For the self-proclaimed “foodie,” food has become a revolution in cuisine. They like it to taste fantastic and it better look good too.

Oranges, cabbage, tomatoes, artichokes, and bananas are some of the fruits and vegetables that make delicious different. They can make a brown plate of steak and potatoes look good.

But not all reds have the same hue. Tomatoes are red and raspberries are a mixture of pink and red. And sometimes names can be misleading. Red onions and red cabbage are actually purple in color

Green colors don’t just mean leafy vegetables that are high in fiber. Artichokes have more anti-oxidants than any fruit or vegetable and fennel can help aid digestion and alleviate stomach cramps.

And not all orange fruits and veggies taste the same. Compare the spice of a habanero pepper and the sweet, tangy juice found in the pulp of an orange.

Each is as unique as the seeds on its inside or the texture of its skin.

As tribute to the rainbow of forms that live to be consumed, from farm to plate and from hand to mouth, here’s a collection of colors and textures found only in the produce section.

A little light work…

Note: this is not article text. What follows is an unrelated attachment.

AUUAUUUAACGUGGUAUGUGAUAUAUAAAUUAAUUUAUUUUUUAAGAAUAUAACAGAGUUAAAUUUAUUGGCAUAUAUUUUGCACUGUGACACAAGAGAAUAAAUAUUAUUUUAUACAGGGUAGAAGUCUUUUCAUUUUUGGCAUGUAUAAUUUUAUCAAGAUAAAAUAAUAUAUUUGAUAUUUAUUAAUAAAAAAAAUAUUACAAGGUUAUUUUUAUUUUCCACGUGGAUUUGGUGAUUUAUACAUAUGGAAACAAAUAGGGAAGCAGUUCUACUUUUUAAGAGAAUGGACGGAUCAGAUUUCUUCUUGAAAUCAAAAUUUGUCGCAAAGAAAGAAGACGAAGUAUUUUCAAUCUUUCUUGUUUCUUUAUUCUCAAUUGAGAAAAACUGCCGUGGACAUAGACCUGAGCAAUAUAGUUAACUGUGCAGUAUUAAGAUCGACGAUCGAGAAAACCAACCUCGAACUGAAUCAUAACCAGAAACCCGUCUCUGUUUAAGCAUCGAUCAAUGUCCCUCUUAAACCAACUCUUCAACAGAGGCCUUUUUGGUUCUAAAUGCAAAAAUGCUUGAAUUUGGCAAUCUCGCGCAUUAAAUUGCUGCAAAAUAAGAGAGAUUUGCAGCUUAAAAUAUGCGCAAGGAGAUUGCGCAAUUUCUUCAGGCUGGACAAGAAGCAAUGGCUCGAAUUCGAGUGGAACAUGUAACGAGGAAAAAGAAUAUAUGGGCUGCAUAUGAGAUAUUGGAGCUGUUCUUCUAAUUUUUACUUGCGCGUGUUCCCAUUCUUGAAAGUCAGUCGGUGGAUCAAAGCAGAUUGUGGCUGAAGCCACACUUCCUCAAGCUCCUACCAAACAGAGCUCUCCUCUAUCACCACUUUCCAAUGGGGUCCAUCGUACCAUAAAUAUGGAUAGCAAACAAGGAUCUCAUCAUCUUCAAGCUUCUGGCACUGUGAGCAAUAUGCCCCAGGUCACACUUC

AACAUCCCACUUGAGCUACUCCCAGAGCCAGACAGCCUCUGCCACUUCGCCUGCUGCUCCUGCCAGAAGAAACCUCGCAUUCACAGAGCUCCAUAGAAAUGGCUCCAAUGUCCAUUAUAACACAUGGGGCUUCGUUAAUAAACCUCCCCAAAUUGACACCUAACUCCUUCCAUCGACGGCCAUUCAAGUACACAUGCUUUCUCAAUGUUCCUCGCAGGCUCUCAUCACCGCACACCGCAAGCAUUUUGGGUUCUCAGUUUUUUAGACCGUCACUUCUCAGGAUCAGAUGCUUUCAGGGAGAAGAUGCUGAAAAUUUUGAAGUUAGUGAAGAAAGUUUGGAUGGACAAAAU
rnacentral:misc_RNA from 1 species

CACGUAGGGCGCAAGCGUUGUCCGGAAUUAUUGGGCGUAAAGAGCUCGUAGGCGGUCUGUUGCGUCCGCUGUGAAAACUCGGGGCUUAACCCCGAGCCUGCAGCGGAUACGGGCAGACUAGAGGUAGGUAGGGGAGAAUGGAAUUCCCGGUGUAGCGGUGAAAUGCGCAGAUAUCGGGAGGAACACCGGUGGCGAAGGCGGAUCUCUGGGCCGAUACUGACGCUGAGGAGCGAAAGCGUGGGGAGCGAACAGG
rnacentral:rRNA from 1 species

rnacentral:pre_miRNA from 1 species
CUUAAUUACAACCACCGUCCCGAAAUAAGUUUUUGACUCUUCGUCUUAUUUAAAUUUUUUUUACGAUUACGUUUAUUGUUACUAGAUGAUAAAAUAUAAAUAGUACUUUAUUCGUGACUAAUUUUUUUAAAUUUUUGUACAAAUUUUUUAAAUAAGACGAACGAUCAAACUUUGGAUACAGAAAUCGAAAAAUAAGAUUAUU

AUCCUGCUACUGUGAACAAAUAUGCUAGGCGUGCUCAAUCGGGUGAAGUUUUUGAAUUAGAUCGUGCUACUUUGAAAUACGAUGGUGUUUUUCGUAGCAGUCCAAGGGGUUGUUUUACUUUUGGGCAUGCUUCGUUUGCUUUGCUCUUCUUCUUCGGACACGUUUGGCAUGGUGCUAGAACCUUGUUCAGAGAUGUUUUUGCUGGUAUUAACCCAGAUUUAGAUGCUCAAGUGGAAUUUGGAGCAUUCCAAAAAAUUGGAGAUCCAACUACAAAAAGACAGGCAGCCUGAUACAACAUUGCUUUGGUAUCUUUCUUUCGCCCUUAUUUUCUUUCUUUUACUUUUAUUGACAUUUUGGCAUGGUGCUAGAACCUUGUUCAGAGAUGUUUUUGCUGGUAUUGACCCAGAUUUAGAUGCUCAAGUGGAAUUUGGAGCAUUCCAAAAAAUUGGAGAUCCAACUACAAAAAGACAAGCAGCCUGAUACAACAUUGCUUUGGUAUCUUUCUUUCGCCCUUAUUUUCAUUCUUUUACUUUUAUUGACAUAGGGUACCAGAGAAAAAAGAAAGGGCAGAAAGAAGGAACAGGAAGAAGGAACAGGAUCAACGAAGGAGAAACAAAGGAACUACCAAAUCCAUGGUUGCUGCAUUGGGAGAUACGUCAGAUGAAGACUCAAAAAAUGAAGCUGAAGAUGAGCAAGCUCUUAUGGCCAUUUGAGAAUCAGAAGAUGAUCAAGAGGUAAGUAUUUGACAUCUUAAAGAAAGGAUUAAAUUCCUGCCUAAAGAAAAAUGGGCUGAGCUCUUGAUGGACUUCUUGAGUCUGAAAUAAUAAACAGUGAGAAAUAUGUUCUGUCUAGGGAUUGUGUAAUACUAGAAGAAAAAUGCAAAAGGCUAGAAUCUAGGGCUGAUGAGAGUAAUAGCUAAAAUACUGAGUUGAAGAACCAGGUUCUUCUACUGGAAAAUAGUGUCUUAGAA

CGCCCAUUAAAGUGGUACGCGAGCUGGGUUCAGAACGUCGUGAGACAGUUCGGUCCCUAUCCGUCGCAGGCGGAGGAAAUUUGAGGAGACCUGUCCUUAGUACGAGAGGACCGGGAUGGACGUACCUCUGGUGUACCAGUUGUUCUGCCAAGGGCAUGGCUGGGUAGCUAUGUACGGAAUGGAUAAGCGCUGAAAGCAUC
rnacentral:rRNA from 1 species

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Halloween is already being celebrated in storefront windows around town in Bigfork, and it got me thinking about last year. In my lovely Rugged photo archives from my last semester of classes at UM I had a reminder of a fun school project I did on Fashion photography. For those of you who know that I am what they call a “journalist” photos like these are a little out of the ordinary. But it was super fun!

And here’s my sales pitch.

Halloween isn’t just about costumes. It’s about fun. And what better way to have fun than with tutus, tights, and a little bit of hauntingly stylish night-time dress up. Ghosts and ghouls have there place, but a well placed bit of black and a dash of color add some pop to an otherwise drab fashion statement. Flashy and posh all at the same time, this dress-up game should be for all seasons of the year.